We are trying to develop a true lambda-based application in which certain tasks need to be performed at schedules of variable frequencies. They are actually polling for data, and at certain times of the day, this polling can be as slow as once every hour, while at other times, it has to be once every second. I have looked at the options for scheduling (e.g. Using AWS Lambda with Scheduled Events and AWS re:Invent 2015 | (CMP407) Lambda as Cron: Scheduling Invocations in AWS Lambda), but it seems that short of spinning up an EC2 instance or a long-running lambda, there's no built-in way of firing up lambdas at a frequency of less than one minute. The lambda rate expression doesn't have a place for seconds. Is there a way to do this without an EC2 instance or long-running lambda? Ideally, something that can be done without incurring additional cost for scheduling.

  • Why don't you want to use some small EC2 instance in order to perform your frequent tasks? It could be even more profitably. Mar 9, 2016 at 7:48
  • @VladimirMukhin thanks for the suggestion, I was actually thinking maybe there's something free out there :). I have alternate approaches in mind like yours and Jared Hatfields's in the answer.
    – AMA
    Mar 9, 2016 at 17:00
  • I have added links to a couple of the places that I searched for an answer before posting here and would appreciate if the down-vote is removed.
    – AMA
    Mar 9, 2016 at 17:02
  • you may want to take a look at the answer here: stackoverflow.com/a/35272821/266659
    – kaptan
    May 10, 2016 at 18:54
  • 3
    Why not simply creating 2 event schedulers? two of them will execute every minute so just start the second event after half a minute from the first event starting time.
    – Nativ
    Jul 2, 2017 at 19:15

5 Answers 5


You theoretically can wire up a high-frequency task-trigger without an EC2 instance or long-running lambda using an AWS Step Function executed by a CloudWatch Events scheduled event (see Emanuele Menga's blog post for an example), but that approach would actually be more expensive than the other two options, according to my current (as of May 2019) estimates:

(assuming 1 year = 31536000 seconds)

Step Function:

  • $0.0250 per 1000 state transitions
  • 2 state transitions per tick (Wait, Task) + at least 1 per minute (for setup/configuration)
  • 31536000 * (2 + 1/60) * 0.0250 / 1000 = $1589.94/year, or as low as $65.70/year for lower frequency trigger (2 ticks per minute)

Lambda Function:

  • $0.000000208 per 100ms (for smallest 128mb function)
  • 31536000 * 0.000000208 * 10 = $65.595488/year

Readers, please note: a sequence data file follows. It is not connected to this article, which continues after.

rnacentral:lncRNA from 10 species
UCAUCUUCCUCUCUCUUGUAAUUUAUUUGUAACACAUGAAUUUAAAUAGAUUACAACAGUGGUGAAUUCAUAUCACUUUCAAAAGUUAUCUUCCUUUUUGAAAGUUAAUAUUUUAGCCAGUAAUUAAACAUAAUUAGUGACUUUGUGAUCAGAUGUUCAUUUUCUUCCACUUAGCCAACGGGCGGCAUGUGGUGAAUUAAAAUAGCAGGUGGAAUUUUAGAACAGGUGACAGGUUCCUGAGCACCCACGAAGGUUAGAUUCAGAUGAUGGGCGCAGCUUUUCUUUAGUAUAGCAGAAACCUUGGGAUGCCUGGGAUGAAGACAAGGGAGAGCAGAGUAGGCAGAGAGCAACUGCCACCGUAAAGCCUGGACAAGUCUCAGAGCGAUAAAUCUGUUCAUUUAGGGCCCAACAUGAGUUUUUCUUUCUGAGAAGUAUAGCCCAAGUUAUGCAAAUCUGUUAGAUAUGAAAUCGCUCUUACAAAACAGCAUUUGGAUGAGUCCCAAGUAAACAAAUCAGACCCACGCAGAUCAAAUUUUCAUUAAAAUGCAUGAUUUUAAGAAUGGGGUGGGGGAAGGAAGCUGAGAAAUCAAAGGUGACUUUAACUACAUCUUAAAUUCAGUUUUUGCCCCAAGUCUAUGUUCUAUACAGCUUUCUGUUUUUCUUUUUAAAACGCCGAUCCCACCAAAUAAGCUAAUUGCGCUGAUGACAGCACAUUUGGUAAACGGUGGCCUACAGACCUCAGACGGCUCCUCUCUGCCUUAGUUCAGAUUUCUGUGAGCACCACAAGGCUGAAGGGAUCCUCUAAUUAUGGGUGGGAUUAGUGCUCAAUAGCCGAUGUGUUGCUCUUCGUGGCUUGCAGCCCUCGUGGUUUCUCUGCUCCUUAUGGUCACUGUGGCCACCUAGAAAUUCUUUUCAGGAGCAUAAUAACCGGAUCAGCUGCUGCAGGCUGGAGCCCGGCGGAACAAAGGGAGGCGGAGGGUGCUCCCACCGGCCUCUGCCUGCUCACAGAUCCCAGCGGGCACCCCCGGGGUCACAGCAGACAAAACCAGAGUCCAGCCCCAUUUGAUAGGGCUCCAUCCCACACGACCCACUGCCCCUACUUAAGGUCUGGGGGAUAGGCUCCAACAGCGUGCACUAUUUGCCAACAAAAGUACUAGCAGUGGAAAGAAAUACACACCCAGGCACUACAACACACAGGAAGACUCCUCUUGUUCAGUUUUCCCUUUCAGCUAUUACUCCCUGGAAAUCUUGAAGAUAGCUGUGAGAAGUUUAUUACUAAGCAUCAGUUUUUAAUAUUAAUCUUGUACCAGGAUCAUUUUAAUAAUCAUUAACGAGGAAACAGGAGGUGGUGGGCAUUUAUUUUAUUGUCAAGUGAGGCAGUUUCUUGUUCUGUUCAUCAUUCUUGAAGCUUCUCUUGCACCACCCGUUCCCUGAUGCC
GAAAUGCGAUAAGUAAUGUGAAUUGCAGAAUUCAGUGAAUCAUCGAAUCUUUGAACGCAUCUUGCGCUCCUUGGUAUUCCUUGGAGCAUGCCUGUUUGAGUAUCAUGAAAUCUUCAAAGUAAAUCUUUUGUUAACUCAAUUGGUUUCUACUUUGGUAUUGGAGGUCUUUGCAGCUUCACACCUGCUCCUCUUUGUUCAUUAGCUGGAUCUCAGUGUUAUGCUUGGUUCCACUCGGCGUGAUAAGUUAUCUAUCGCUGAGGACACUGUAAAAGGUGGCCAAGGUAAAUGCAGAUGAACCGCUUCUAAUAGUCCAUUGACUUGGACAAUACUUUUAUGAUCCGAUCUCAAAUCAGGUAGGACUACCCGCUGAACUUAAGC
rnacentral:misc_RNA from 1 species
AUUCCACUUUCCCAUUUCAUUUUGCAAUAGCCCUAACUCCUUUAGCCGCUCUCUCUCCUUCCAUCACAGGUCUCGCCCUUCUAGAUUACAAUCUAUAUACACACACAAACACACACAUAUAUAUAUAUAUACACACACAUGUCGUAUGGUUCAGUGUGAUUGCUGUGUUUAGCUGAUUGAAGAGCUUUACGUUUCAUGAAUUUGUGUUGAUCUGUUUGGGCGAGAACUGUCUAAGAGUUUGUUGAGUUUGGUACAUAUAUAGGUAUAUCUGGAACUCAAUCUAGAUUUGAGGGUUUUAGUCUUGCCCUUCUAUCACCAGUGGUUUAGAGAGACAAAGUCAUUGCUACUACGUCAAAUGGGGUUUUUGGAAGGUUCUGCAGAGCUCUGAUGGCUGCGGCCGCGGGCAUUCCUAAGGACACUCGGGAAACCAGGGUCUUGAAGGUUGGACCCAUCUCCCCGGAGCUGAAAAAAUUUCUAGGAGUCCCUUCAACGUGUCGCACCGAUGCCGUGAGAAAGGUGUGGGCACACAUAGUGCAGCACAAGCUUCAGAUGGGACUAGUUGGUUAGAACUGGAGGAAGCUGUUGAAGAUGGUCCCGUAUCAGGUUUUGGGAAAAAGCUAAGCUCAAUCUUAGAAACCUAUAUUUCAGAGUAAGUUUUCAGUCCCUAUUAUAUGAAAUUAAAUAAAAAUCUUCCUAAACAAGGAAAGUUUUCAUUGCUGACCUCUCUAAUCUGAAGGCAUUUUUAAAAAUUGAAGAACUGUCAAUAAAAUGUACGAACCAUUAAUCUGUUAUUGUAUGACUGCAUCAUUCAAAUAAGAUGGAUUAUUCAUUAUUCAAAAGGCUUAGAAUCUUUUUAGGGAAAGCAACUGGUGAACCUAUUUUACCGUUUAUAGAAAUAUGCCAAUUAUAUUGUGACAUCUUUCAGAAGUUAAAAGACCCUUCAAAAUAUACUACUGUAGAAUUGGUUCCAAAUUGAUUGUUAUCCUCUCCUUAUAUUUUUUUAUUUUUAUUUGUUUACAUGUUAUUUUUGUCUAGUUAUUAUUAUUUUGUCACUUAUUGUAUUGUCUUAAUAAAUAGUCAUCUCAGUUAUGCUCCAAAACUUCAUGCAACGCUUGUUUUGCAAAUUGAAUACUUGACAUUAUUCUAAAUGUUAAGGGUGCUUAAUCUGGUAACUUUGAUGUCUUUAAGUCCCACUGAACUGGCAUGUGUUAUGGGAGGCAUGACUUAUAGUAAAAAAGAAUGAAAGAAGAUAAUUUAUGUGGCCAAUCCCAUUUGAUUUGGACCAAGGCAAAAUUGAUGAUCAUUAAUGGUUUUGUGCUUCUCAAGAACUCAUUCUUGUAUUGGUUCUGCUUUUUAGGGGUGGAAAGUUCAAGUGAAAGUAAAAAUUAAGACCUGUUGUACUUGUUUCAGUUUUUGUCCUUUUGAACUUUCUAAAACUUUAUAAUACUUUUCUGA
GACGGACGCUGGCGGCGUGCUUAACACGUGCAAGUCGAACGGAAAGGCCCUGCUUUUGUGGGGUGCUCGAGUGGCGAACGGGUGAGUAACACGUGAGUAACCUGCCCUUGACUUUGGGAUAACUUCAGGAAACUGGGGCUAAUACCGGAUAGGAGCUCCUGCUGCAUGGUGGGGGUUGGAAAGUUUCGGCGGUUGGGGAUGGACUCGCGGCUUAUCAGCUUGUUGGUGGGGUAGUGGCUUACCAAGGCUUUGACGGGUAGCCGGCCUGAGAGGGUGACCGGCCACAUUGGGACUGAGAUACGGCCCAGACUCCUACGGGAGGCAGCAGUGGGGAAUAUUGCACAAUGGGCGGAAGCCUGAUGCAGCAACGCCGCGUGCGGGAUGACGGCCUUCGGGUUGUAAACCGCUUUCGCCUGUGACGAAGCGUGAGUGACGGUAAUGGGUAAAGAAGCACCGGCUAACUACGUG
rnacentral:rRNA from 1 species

EC2 Instance:

  • t3a.nano is $0.0047 per hour on-demand, or as low as $0.0014 using Spot instances
  • 31536000 * 0.0047 / 3600 = $41.172/year, or $12.264/year using Spot instances

So there will be some scheduling cost, but as you can see the cost is not that much.


Currently lambda functions are invoked, at the very least, every 1 minute from Cloudwatch schedule events.

A solution that might work would be the following:

Setup an EC2 instance and from a program, that you will run as a background job, use the aws sdk to invoke your lambda function. Example:

while True:
  invoke lambda function via aws sdk
  sleep for x seconds
  • I assume that in aws you're going to pay for every second your lambda is sleeping for because it counts as execution time?
    – iLikeKFC
    Jun 23, 2020 at 10:19

At this point in time AWS Lambda allows functions to be scheduled to run every 5 minutes with a maximum execution time of 5 minutes.

This means if you want to run an AWS Lambda function at intervals less than every 5 minutes while not using EC2 you can take a two phased approach. Create an AWS Lambda function to run every 5 minutes and have it actually run for the entire 5 minutes calling other AWS Lambda functions asynchronously at the appropriate time intervals.

This approach will cost you more since the first AWS Lambda function that runs for the entire 5 minutes will essentially be running continuously, but you can reduce the cost by having the smallest amount of RAM allocated.


CloudWatch Events now allow for schedules at a frequency of 1 minute. This means you can now schedule a Lambda function to run every minute and have it run for up to a minute to achieve sub-minute accuracy. It is important to note that scheduled events do not fire at the beginning of every minute so achieving exact sub-minute timing is still a bit tricky.

  • 1
    Thanks. Either this or the least expensive EC2. Will need to work out what's cheaper.
    – AMA
    Mar 9, 2016 at 17:04

Don't poll with lambda or you are better off using EC2 if you expect to spend more time polling than performing work. Lambda charges by execution time and polling is costly.

You really need an event driven system with Lambda. What determines when you poll?


There is a simple hack though where you could use a setTimeout or setInterval.


    'use strict';
    async function Task() { 
      console.log('Ran at'+new Date())
    const TIMEOUT = 30000;
    exports.handler = (event, context) => {
       return Promise.all([
          new Promise(function(resolve, reject) {
             let timeout = setTimeout(function() {
               Task().then(() => {
             }, TIMEOUT);

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